A Confluence of Cross Cultural Exchanges between the Muslims, Christians, and Jews from the 3rd Century to the early 17th Century
“Crossing Borders,” the current exhibition at the Jewish Museum, showcases an impressive selection from the Bodleian Library’s important collection of Hebrew manuscripts, established by Sir Thomas Bodley in 1602. Another title for the show might have been “A Confluence of Cross Cultural Exchanges between the Muslims, Christians, and Jews from the 3rd Century to the early 17th Century,” as the absence of cultural demarcation is so poignantly depicted.
The fifty-two or so Latin, Hebrew, and Arabic texts and early printed books include an ancient papyrus as well as gorgeous illuminated manuscripts, most of which discuss science, art, and religion, all focusing on European Medieval Jewish culture and the rich exchange of ideas during those centuries.
And, rich it was. It truly seems that these artists and theologians and scientists were more centered on intellectual discourse as elements of exchange and addition, rather than as treatises on ideas which separated their cultures. Their intent took a higher path, which the diverse illuminating texts display. In effect, these Christian Hebraist tomes conversed with one another in a language that transcended either individual religions or cultures. A codex of one century fluently exchanges thoughts with a manuscript of another as though time were simply of temporal concern.
ENTER INTO DIALOGUE WITH EACH OTHER
Though mostly composed of Hebrew manuscripts, the exhibition displays a codex of the Four Gospels written in Aramaic, a 10th Century Hebrew scroll, a 16th Century Koran, a legal text written in Arabic by Maimonides, an 11th century Hebrew text annotated in Latin, and a Hebrew poem written for Elizabeth I pleading financial assistance for a Hebrew scholarship for theUniversity of Oxford. The major work in the exhibition is the Bodleian “Kennicott Bible, a highly decorated and illuminated Jewish tome dating from 1476, a mere 25 years or so after the invention of printing. As the epitome of this stunning cultural confluence, the Kennicott expresses Christian, Hebrew and Islamic motifs in one. Each page of the Kennicott is magnificently displayed under protected light and casing. It is as though the observer were in some Medieval monastery scribing these texts for yet another iteration in our own century.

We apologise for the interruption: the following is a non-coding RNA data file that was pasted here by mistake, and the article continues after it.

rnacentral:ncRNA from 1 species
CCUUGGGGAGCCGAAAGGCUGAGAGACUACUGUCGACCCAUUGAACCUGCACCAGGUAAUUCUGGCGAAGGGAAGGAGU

How did these cross-cultural exchanges occur? It is suggested that “as exiled Jews established communities in vastly different cultures, their manuscripts both reflected the world around them and influenced it in unusual ways. Even when the texts themselves were relatively unchanging, their script and illumination testified to a dynamic shifting relationship to the dominant cultures and religions of Christianity and Islam.” Thus, the Jews numerous settlements became depositories of knowledge and culture which evolved into communities of rich cultural and intellectual exchange.
IDEAS THAT TRANSCEND
Perhaps, the texts I believe best exemplify this fluidity of ideas are those displayed by the three examples of Euclid’s “Elements.” All open to the same page with illustrations demonstrating the exact same principles, the individual texts – a 13th century Arabic, a 13th C Latin, and a 14C Hebrew – enter into dialogue with each other, each demonstrating and voicing their interest in the “Elements.”
“Crossing Borders” is a beautiful collection of tomes reflecting through their decoration and discourse ideas that transcend, indeed cross, any boundaries, religious or temporal.